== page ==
LONDONERS AT HOME: The Way We Live Now
Living at home with carers -
Bill Mathieson (with Annie)
Date of photography: 21st October 2016
Towards the end of his long life, Bill was amongst the fortunate few in being able to employ a live-in carer. By contrast, most of us will have no such luxury in our old age: having paid National Insurance for all our working lives, we will have to rely on the state for personal care services that are rapidly diminishing. Since 1991, such state provision has been gradually privatised, exposing this crucial service to the chill wind of market forces. Purported to increase efficiency and reduce costs, thus eliminating any need to provide additional funding to meet the burgeoning demand for elderly care, these changes have, in under 20 years, seen ‘administrative costs’ rise from 5% (1991) to 14% (2010) and, as might have been predicted, the need for ‘care businesses’ to generate profit has significantly reduced the resources available for the provision of care itself and the adequate remuneration of carers. Politicians on the right continue to argue that reducing taxes offers people greater choice in the deployment of their own resources; this is true, of course, but when it is a continual struggle for so many in our society just to ‘get by’, choice is, in practice, only really enhanced for the wealthy. As we approach the ends of our lives, one in four of us will require nursing care costing more than £100,000, an almost unimaginable sum for most people to contemplate having to find.
Though now well into his twilight years, and recently widowed, Bill Mathieson still values his independence more than anything else, living in his comfortable West London flat with Annie Tierney, his companion and carer. Annie keeps house for him and attends to his daily needs but, most importantly, she ensures that his failing memory and waning acuity are constantly stimulated and exercised by frequent outings in and around London.
Though born in Scotland, Bill has lived in London and the Home Counties for some 40 years. He worked as a company director, serving on the board of the giant property company, Land Securities, and later as Chairman of the Waterman Group and a director of the department store chain, House of Fraser. However, age takes its toll: he is now quite frail and, like so many other elderly folk, his mental faculties are declining. Having lost his life-long partner after 60 years of marriage, he is now increasingly reliant on the help of others: his family, who live round the corner, and Annie, who lives in. Annie is his essential daily support; she keeps Bill active, mentally stimulated, and comfortable in his own home.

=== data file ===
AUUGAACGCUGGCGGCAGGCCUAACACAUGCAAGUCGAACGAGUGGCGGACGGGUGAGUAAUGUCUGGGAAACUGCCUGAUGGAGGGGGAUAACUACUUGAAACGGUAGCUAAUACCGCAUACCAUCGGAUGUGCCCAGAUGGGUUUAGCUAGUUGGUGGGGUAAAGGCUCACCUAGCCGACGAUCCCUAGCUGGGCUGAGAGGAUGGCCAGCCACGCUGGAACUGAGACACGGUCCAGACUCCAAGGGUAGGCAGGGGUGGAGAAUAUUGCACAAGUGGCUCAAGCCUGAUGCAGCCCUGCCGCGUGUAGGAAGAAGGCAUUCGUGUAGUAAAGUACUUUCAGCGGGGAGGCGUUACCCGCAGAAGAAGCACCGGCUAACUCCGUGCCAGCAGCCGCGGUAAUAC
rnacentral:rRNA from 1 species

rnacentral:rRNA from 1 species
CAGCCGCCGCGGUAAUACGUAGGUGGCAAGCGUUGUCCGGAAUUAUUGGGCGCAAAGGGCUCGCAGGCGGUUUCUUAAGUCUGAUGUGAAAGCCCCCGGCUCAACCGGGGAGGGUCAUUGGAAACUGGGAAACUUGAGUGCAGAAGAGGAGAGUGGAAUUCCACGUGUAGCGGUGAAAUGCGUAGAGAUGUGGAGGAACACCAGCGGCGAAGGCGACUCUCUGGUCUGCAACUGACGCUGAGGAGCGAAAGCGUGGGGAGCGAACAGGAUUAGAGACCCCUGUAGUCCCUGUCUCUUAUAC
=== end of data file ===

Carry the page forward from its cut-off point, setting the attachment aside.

While for some old people, moving into a care home is a welcome solution to many of their problems, for others the very idea of leaving their homes and not being surrounded by their own possessions is something to be avoided if at all possible. Bill is amongst the fortunate ones and, given the unappealing handicaps that old age will bring to all of us in time, he has succeeded in maintaining a life that is as happy, comfortable and stimulating as it could be.
Bette Davies once said, “old age ain’t no place for sissies” and how right she was; the calamitous state of what we in Britain now call ‘Social Care for the Elderly’ is hardly ever out of the news. When the prevailing dogma of austerity, decreasing taxation, and the concomitant cuts in welfare spending are combined with the continuing increase in longevity and thus the number of elderly people needing care, it is hardly surprising that we have reached a crisis point.
Since 1991, the provision for those elderly people who cannot afford to pay for their own care has been gradually privatised, exposing this crucial service to market forces. This move was supposed to increase efficiencies and reduce costs, thus eliminating any need to provide additional funding to meet the burgeoning demand for elderly care; instead, in less than a decade, administrative costs have risen from 5% (1991) to 14% (2010) and, as might have been expected, the need for ‘care businesses’ to generate profit has left a significantly smaller slice of the cake for the provision of the care itself. One effect of this has been to drive down the wages of care staff, many of whom are engaged on the meanest of contracts, and receive barely the Minimum Wage.
Politicians on the right continue to advance the argument that reducing taxes offers people greater choice in the deployment of their own resources - this is true, of course, but mostly choice is enhanced only for the wealthy. As we approach the end of life, one in four of us will cost more than £100,000 in nursing care, an almost unimaginable sum for most people to contemplate having to find. Only through the sale of the family home (for those lucky enough to have one to sell) can such a sum usually be liberated. The most sensible option must therefore be the collective pooling of risk, and the manageable spreading of costs, like any other form of insurance - after all, this is why the NHS was created in the first place.